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FMEA Occurance Rankings: Frequency of Offset due to Tool Wear Vs OOS

Discussion in 'FMEA - Failure Modes and Effects Analysis' started by _Zeno_, Jun 22, 2016.

  1. _Zeno_

    _Zeno_ Member

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    In a machining environment, the insert cutting a diameter will wear causing the size to change. When determining the Occurance Ranking, do you use the frequency that a tool has to be offset to maintain size, or how frequent the process (with the current detection and prevention methods in place) produces a part out of size?
     
  2. ncwalker

    ncwalker Well-Known Member

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    If I understand - as the tool wears, you are making offset adjustments and at some point, the cutter has worn too much and it is replaced. Based on this I would say that if the offset adjustment is PART of the control plan and not a reaction to an OOS part, then the occurrence is the replacement frequency. But if the offset adjustment is NOT part of the control plan, itself being a reaction to an OOS or at least OOCL situation, then the occurrence needs to be the frequency of making the offset.
     
  3. yodon

    yodon Well-Known Member

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    What you describe, to me, would indicate that you KNOW the sequence of events leading to the [bad thing happening] will definitely occur so the likelihood of occurrence is whatever highest ranking you have. And it sounds like there are 2 failure modes: whatever happens that causes you to make adjustments and whatever happens to require a tool change. The mitigations would be adjustments for the former and tool replacement for the latter.
     
  4. Bev D

    Bev D Moderator Staff Member

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    I assume that you are looking at an out of spec part as the failure and tool wear as the cause, yes? If this is the case the occurrence rate to use is the rate of OOS parts if there were no adjustments. the control is to make adjustments either by number of parts machined or by using a control such as Bob Doerring's Hi-Lo chart or Wheeler's sloping limits chart.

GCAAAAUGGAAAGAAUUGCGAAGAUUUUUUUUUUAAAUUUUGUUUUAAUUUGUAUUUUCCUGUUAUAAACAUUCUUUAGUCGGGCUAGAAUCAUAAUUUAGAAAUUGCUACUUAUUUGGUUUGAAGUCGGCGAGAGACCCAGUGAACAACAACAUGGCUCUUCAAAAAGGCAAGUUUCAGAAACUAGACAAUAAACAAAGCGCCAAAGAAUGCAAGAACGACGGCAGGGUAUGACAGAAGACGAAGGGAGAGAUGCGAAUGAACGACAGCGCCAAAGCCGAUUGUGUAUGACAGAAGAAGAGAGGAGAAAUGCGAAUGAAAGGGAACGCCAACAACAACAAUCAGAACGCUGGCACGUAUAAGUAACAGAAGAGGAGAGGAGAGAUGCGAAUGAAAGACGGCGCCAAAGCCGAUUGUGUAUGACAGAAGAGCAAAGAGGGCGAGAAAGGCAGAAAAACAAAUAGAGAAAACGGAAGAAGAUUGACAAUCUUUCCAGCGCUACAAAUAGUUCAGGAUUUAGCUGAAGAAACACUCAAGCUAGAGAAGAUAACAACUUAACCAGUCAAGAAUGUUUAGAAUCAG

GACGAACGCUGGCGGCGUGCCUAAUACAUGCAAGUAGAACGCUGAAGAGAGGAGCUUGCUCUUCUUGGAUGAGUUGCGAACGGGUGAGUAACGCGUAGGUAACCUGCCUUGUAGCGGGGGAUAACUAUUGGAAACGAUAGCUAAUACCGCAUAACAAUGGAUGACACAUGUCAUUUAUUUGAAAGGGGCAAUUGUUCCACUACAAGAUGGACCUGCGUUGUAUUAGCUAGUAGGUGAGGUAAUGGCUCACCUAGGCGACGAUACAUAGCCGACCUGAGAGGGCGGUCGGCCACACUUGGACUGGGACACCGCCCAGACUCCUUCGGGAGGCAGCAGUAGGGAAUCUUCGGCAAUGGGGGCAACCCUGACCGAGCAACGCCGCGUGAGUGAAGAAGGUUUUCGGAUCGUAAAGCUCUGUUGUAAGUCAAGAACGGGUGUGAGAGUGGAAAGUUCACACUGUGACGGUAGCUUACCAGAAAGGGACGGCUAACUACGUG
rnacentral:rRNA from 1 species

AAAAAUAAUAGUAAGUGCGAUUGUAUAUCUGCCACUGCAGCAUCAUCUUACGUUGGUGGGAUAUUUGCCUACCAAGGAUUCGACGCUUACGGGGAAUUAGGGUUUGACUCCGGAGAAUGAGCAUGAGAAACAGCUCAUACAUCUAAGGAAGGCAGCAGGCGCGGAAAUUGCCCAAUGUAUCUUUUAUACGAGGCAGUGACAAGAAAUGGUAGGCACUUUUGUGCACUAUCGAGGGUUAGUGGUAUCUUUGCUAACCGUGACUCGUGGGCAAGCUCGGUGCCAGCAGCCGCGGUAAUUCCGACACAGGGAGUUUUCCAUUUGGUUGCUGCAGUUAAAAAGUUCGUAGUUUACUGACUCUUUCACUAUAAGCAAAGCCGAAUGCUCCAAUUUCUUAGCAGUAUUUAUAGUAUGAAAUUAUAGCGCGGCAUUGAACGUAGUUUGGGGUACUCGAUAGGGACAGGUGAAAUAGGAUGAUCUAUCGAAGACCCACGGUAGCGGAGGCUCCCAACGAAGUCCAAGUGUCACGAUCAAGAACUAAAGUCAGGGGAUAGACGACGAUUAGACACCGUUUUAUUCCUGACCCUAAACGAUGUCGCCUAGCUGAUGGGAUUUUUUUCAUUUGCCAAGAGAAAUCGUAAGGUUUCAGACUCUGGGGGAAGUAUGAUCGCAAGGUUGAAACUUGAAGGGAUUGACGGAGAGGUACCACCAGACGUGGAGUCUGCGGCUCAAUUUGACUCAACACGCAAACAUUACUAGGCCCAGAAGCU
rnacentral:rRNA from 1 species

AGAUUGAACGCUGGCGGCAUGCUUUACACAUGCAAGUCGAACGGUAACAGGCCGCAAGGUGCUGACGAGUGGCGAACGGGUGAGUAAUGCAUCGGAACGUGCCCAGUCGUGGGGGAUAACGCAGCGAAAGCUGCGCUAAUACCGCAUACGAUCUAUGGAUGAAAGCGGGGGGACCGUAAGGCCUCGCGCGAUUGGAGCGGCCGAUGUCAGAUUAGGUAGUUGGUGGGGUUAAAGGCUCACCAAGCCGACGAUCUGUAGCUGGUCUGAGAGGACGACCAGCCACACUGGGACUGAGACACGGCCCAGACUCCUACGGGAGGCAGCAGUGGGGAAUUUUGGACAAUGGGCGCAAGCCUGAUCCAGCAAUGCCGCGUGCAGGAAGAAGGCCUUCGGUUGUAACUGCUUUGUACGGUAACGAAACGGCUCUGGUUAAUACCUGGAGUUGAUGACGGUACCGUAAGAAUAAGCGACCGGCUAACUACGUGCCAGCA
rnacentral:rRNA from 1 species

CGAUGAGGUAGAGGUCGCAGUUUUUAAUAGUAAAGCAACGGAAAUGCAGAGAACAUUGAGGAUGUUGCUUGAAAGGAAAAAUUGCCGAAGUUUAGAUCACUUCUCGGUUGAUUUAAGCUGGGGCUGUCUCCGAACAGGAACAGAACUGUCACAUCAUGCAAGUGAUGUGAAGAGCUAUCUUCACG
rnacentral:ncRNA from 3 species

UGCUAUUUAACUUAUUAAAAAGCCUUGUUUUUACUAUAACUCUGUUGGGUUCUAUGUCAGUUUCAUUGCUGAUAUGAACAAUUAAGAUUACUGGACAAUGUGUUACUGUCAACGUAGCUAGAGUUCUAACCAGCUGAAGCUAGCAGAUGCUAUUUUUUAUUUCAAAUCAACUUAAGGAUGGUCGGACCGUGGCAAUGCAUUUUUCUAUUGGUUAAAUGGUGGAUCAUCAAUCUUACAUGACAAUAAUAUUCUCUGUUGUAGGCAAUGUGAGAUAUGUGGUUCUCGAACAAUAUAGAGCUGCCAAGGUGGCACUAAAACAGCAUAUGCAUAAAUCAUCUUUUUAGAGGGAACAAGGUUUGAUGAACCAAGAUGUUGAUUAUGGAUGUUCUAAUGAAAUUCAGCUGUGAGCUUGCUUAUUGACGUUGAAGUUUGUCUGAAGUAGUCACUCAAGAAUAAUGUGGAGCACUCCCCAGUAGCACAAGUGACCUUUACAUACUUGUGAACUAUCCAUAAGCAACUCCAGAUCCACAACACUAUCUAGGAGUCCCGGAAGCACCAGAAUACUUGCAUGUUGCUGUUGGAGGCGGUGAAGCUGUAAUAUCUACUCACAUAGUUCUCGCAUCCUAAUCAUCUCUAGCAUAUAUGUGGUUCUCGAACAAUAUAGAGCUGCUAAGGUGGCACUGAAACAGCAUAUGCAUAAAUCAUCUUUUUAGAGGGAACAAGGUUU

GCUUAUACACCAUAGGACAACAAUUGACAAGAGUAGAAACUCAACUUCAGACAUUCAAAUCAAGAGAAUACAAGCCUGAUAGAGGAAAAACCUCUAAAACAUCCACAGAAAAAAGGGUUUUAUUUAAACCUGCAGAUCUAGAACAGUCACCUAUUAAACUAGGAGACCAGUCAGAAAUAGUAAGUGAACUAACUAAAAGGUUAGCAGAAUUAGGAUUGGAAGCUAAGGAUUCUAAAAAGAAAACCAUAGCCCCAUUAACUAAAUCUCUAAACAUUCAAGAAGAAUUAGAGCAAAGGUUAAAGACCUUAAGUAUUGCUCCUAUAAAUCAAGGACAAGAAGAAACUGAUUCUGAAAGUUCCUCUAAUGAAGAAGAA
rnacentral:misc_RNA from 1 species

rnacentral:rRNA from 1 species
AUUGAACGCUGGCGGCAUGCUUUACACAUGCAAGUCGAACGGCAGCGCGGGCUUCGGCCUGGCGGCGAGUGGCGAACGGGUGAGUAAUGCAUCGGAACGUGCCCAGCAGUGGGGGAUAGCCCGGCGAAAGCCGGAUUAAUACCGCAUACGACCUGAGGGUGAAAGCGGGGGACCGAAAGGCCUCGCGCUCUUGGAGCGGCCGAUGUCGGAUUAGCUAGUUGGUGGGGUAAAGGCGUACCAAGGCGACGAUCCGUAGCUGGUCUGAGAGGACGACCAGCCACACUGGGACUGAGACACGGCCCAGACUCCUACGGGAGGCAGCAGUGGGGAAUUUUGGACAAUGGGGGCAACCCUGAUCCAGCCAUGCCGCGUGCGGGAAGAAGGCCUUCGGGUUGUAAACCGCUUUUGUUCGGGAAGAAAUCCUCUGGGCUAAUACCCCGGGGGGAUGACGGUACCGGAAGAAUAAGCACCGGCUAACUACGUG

You should also add tool breakage as a cause and work hardening (if applicable).

    I calculate occurrence rates of the failure separately for separate causes if they are knowable (either theoretical, which can usually be done stable things like tool wear or empirically when it is simple and straightforward like with tool wear.
     
  5. luisdiaz980

    luisdiaz980 New Member

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    The occurrence is the element to consider in the ranking; the preventive preventive actions (as the offset) that are part of the process decrease the ranking
     
  6. _Zeno_

    _Zeno_ Member

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    Understood, but to the original question, what say yea?
     
  7. Bev D

    Bev D Moderator Staff Member

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    I would use how frequently the part would be out of spec if the tool were not adjusted for the original occurrence rate. adjusting the tool is your control. you can use the frequency of occurrence with the adjustment in place as the residual occurrence rate. if this si still too big it will indicate that the adjustment process needs to be improved or another control needs to be developed.
     
    Mark Paul likes this.

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